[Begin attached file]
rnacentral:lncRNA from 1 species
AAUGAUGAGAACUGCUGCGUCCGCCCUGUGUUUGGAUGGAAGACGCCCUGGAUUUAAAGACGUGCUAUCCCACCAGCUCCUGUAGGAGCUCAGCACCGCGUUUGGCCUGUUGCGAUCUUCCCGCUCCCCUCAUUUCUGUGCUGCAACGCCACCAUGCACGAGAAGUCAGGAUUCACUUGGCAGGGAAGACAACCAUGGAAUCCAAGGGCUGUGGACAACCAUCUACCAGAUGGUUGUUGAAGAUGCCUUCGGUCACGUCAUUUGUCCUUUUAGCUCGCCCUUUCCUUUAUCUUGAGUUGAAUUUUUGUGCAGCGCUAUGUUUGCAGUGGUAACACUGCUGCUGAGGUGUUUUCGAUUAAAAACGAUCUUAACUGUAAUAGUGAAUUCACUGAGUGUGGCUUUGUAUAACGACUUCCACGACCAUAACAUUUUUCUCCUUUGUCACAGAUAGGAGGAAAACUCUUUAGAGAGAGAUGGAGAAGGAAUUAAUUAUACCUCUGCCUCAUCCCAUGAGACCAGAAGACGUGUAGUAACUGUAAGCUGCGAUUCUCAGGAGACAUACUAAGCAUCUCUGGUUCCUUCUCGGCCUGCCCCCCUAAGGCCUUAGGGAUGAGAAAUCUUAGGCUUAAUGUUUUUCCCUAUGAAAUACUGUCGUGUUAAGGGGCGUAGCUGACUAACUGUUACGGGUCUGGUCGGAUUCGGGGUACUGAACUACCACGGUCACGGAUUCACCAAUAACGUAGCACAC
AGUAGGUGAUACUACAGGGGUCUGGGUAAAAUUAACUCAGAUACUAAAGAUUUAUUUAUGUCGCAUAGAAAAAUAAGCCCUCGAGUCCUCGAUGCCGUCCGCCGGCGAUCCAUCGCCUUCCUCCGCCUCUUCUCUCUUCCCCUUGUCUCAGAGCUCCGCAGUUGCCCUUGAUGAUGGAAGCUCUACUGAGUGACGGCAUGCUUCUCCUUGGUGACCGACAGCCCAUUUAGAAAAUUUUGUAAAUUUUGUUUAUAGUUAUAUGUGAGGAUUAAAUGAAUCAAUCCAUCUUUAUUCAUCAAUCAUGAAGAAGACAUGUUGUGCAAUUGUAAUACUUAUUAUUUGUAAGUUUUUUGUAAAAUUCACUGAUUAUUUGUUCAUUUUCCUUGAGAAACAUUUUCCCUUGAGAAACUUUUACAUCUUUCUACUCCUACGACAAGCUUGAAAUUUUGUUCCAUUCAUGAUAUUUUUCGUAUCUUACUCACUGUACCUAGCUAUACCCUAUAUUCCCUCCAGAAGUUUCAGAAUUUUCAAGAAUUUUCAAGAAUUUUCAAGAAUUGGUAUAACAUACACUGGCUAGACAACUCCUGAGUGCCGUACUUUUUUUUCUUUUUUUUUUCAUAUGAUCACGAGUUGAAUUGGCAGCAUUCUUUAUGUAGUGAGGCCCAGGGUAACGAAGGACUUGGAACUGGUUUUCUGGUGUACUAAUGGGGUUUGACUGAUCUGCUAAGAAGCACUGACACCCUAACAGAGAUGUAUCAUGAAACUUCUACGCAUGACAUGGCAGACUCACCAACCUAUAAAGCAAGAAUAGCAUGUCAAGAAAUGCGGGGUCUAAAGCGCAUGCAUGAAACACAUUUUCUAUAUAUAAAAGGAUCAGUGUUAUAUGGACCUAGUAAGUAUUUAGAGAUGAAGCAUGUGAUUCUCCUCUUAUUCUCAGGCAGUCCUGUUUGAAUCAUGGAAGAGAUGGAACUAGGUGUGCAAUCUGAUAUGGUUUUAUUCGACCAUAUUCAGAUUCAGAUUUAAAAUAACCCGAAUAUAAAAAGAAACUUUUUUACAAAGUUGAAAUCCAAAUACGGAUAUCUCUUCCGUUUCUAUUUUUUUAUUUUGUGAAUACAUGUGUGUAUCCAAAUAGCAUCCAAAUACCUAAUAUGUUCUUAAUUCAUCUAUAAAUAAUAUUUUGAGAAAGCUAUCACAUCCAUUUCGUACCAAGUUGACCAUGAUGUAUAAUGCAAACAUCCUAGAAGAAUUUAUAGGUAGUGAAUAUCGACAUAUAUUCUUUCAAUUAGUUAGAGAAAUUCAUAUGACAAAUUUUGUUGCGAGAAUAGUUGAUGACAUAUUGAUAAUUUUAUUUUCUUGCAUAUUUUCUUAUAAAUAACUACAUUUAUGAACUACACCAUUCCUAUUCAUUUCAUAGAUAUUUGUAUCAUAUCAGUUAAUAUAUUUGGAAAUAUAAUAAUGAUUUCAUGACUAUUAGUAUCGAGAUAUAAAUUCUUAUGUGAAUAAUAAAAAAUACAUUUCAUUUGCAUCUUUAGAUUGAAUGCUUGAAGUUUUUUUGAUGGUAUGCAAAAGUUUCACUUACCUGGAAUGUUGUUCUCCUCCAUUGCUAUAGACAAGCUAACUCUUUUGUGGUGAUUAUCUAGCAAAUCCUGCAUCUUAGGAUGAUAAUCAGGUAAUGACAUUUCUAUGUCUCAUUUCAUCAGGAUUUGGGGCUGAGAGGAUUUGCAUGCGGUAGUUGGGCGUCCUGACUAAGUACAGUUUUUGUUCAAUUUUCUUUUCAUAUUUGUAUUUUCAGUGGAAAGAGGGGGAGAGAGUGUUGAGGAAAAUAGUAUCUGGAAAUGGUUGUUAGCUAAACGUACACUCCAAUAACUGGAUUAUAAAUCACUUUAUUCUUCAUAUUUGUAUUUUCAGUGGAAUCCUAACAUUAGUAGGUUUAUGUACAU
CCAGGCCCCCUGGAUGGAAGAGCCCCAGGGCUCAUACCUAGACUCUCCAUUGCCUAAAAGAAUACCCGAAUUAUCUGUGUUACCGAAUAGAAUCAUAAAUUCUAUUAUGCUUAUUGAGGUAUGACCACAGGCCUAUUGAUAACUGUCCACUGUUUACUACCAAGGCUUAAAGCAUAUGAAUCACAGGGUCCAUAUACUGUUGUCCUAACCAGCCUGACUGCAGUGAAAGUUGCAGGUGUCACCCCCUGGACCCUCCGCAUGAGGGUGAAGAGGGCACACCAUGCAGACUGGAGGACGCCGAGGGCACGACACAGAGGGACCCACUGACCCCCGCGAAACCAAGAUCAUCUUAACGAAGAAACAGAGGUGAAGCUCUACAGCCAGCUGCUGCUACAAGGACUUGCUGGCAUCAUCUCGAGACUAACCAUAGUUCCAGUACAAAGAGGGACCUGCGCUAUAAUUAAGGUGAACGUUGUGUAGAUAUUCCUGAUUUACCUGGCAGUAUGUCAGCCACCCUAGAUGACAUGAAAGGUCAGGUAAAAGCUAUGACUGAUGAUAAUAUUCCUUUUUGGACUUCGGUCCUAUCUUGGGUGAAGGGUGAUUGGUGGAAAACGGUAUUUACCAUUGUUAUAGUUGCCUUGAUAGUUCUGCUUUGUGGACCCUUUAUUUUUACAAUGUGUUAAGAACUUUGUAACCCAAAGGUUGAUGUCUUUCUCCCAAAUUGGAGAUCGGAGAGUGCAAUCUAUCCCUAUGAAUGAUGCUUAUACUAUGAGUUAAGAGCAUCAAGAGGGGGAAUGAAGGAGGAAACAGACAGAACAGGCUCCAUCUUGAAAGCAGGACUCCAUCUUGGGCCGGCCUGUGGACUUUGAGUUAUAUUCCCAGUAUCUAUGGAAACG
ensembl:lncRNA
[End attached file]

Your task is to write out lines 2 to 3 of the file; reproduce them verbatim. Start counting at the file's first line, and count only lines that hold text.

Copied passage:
AAUGAUGAGAACUGCUGCGUCCGCCCUGUGUUUGGAUGGAAGACGCCCUGGAUUUAAAGACGUGCUAUCCCACCAGCUCCUGUAGGAGCUCAGCACCGCGUUUGGCCUGUUGCGAUCUUCCCGCUCCCCUCAUUUCUGUGCUGCAACGCCACCAUGCACGAGAAGUCAGGAUUCACUUGGCAGGGAAGACAACCAUGGAAUCCAAGGGCUGUGGACAACCAUCUACCAGAUGGUUGUUGAAGAUGCCUUCGGUCACGUCAUUUGUCCUUUUAGCUCGCCCUUUCCUUUAUCUUGAGUUGAAUUUUUGUGCAGCGCUAUGUUUGCAGUGGUAACACUGCUGCUGAGGUGUUUUCGAUUAAAAACGAUCUUAACUGUAAUAGUGAAUUCACUGAGUGUGGCUUUGUAUAACGACUUCCACGACCAUAACAUUUUUCUCCUUUGUCACAGAUAGGAGGAAAACUCUUUAGAGAGAGAUGGAGAAGGAAUUAAUUAUACCUCUGCCUCAUCCCAUGAGACCAGAAGACGUGUAGUAACUGUAAGCUGCGAUUCUCAGGAGACAUACUAAGCAUCUCUGGUUCCUUCUCGGCCUGCCCCCCUAAGGCCUUAGGGAUGAGAAAUCUUAGGCUUAAUGUUUUUCCCUAUGAAAUACUGUCGUGUUAAGGGGCGUAGCUGACUAACUGUUACGGGUCUGGUCGGAUUCGGGGUACUGAACUACCACGGUCACGGAUUCACCAAUAACGUAGCACAC
AGUAGGUGAUACUACAGGGGUCUGGGUAAAAUUAACUCAGAUACUAAAGAUUUAUUUAUGUCGCAUAGAAAAAUAAGCCCUCGAGUCCUCGAUGCCGUCCGCCGGCGAUCCAUCGCCUUCCUCCGCCUCUUCUCUCUUCCCCUUGUCUCAGAGCUCCGCAGUUGCCCUUGAUGAUGGAAGCUCUACUGAGUGACGGCAUGCUUCUCCUUGGUGACCGACAGCCCAUUUAGAAAAUUUUGUAAAUUUUGUUUAUAGUUAUAUGUGAGGAUUAAAUGAAUCAAUCCAUCUUUAUUCAUCAAUCAUGAAGAAGACAUGUUGUGCAAUUGUAAUACUUAUUAUUUGUAAGUUUUUUGUAAAAUUCACUGAUUAUUUGUUCAUUUUCCUUGAGAAACAUUUUCCCUUGAGAAACUUUUACAUCUUUCUACUCCUACGACAAGCUUGAAAUUUUGUUCCAUUCAUGAUAUUUUUCGUAUCUUACUCACUGUACCUAGCUAUACCCUAUAUUCCCUCCAGAAGUUUCAGAAUUUUCAAGAAUUUUCAAGAAUUUUCAAGAAUUGGUAUAACAUACACUGGCUAGACAACUCCUGAGUGCCGUACUUUUUUUUCUUUUUUUUUUCAUAUGAUCACGAGUUGAAUUGGCAGCAUUCUUUAUGUAGUGAGGCCCAGGGUAACGAAGGACUUGGAACUGGUUUUCUGGUGUACUAAUGGGGUUUGACUGAUCUGCUAAGAAGCACUGACACCCUAACAGAGAUGUAUCAUGAAACUUCUACGCAUGACAUGGCAGACUCACCAACCUAUAAAGCAAGAAUAGCAUGUCAAGAAAUGCGGGGUCUAAAGCGCAUGCAUGAAACACAUUUUCUAUAUAUAAAAGGAUCAGUGUUAUAUGGACCUAGUAAGUAUUUAGAGAUGAAGCAUGUGAUUCUCCUCUUAUUCUCAGGCAGUCCUGUUUGAAUCAUGGAAGAGAUGGAACUAGGUGUGCAAUCUGAUAUGGUUUUAUUCGACCAUAUUCAGAUUCAGAUUUAAAAUAACCCGAAUAUAAAAAGAAACUUUUUUACAAAGUUGAAAUCCAAAUACGGAUAUCUCUUCCGUUUCUAUUUUUUUAUUUUGUGAAUACAUGUGUGUAUCCAAAUAGCAUCCAAAUACCUAAUAUGUUCUUAAUUCAUCUAUAAAUAAUAUUUUGAGAAAGCUAUCACAUCCAUUUCGUACCAAGUUGACCAUGAUGUAUAAUGCAAACAUCCUAGAAGAAUUUAUAGGUAGUGAAUAUCGACAUAUAUUCUUUCAAUUAGUUAGAGAAAUUCAUAUGACAAAUUUUGUUGCGAGAAUAGUUGAUGACAUAUUGAUAAUUUUAUUUUCUUGCAUAUUUUCUUAUAAAUAACUACAUUUAUGAACUACACCAUUCCUAUUCAUUUCAUAGAUAUUUGUAUCAUAUCAGUUAAUAUAUUUGGAAAUAUAAUAAUGAUUUCAUGACUAUUAGUAUCGAGAUAUAAAUUCUUAUGUGAAUAAUAAAAAAUACAUUUCAUUUGCAUCUUUAGAUUGAAUGCUUGAAGUUUUUUUGAUGGUAUGCAAAAGUUUCACUUACCUGGAAUGUUGUUCUCCUCCAUUGCUAUAGACAAGCUAACUCUUUUGUGGUGAUUAUCUAGCAAAUCCUGCAUCUUAGGAUGAUAAUCAGGUAAUGACAUUUCUAUGUCUCAUUUCAUCAGGAUUUGGGGCUGAGAGGAUUUGCAUGCGGUAGUUGGGCGUCCUGACUAAGUACAGUUUUUGUUCAAUUUUCUUUUCAUAUUUGUAUUUUCAGUGGAAAGAGGGGGAGAGAGUGUUGAGGAAAAUAGUAUCUGGAAAUGGUUGUUAGCUAAACGUACACUCCAAUAACUGGAUUAUAAAUCACUUUAUUCUUCAUAUUUGUAUUUUCAGUGGAAUCCUAACAUUAGUAGGUUUAUGUACAU